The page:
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Court Ruling Encourages Death Row Opponents
By: Hazel Trice Edney
NNPA, Washington Correspondent
Originally posted 3/7/2005

WASHINGTON (NNPA) – In 1988, the U. S. Supreme Court left it up to states whether 16- and 17-year-olds could be given the death penalty. But last week, the court reversed itself in a 5-4 decision that nullifies death sentences given to offenders who committed capital crimes while under the age of 18.

The fact that the justices reversed themselves heartened death penalty opponents who hope that the court will eventually examine the role race plays in capital murder cases, whether it’s the suspect or the victim.

“They didn’t base this decision at all on race, they didn’t add up the number of minorities or anything like that, but that’s who it was disproportionately affecting,” says Richard C. Dieter, executive director of the Death Penalty Information Center. “So, I think the bigger issue on race is that the Supreme Court is, I think, saying that the door is still open for reconsidering things that its decided in the past.’”

According to the center, there were 29 Blacks, 26 Whites, 16 Latinos and one Asian among juvenile offenders on death row when the court ruled in the Missouri first-degree murder case, Roper v. Simmons, that the execution of juveniles is cruel and unusual punishment. Two-thirds of the youth offenders are people of color whose lives have now been spared. The court said the ruling was also because of growing international sentiments against the execution of juveniles. In the world community, the U. S. stands alone in sanctioning the death of juvenile offenders.

Blacks making up only 12 percent of the nation’s population but 42 percent of death row (1,444). By contrast, Whites constitute 71 percent of the U.S. population but only 46 percent (1,576) of death row inmates.
In the Missouri case, the defendant, Christopher Simmons, now 27, was 17 when he murdered a woman who recognized him when he and a 15-year-old companion burglarized her house.

After the Circuit Court of Jefferson City convicted him and sentenced him to death, Missouri’s Supreme Court ruled 4-3 to overturn his death sentence because of his age. They ruled that the executions of juveniles have become so rare that they constitute cruel and unusual punishment, a violation of the 8th Amendment to the U.S. Constitution. The Supreme Court upheld that ruling.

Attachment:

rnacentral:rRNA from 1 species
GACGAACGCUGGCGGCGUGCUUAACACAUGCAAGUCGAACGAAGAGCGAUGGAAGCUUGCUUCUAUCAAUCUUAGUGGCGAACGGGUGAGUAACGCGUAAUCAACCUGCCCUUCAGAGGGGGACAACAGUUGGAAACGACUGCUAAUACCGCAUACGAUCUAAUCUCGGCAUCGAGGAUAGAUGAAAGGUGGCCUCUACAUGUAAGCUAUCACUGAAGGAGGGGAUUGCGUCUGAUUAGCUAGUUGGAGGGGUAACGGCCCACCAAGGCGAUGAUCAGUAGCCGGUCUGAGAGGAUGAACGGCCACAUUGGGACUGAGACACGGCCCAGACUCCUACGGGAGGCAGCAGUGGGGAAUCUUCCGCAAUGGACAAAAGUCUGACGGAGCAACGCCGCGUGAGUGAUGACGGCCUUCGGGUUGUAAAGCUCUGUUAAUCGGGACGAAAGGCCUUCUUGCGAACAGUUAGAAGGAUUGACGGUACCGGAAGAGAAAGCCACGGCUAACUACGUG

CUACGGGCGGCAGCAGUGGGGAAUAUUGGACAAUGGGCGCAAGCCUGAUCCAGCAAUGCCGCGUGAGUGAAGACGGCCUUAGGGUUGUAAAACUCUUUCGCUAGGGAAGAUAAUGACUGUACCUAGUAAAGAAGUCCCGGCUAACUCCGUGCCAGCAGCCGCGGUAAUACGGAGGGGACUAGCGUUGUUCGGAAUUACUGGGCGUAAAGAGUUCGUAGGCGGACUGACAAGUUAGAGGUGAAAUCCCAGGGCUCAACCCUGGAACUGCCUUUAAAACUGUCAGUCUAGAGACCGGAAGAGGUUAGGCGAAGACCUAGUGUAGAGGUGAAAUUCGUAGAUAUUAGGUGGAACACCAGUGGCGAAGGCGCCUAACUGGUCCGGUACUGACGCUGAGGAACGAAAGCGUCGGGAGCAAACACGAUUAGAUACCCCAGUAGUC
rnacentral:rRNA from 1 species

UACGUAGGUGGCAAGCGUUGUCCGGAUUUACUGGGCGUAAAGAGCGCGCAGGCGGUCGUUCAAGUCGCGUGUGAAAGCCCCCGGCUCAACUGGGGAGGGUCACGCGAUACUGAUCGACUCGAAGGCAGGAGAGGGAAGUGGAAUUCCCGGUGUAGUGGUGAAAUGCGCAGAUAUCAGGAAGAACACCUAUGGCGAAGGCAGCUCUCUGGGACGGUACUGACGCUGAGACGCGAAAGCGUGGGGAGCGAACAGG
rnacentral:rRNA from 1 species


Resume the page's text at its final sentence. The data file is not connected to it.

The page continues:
“When a juvenile commits a heinous crime, the state can exact forfeiture of some of the most basic liberties, but the state cannot extinguish his life and his potential to attain a mature understanding of his own humanity,” writes Justice Anthony M. Kennedy. “While drawing the line at 18 is subject to the objections always raised against categorical rules, that is the point where society draws the line for many purposes between childhood and adulthood and the age at which the line for death eligibility ought to rest.”

People under 18 cannot vote and cannot serve in the armed services without their parents’ permission. They cannot purchase liquor, and, ironically in the state of Louisiana, they cannot witness an execution unless they are the one being put to death.

Although Black and Brown juveniles represent 21 percent of the 16- to 17 year-olds in America, they represent more than triple that proportion (66 percent) of all death row inmates sentenced as juveniles.

Death penalty opponents say that race of the victim is also a factor. For example, of the 72 juvenile offenders on death row, 71 percent (65) of their victims were White. Nine percent were Black, 11 percent were Latino and 7 percent were Asian.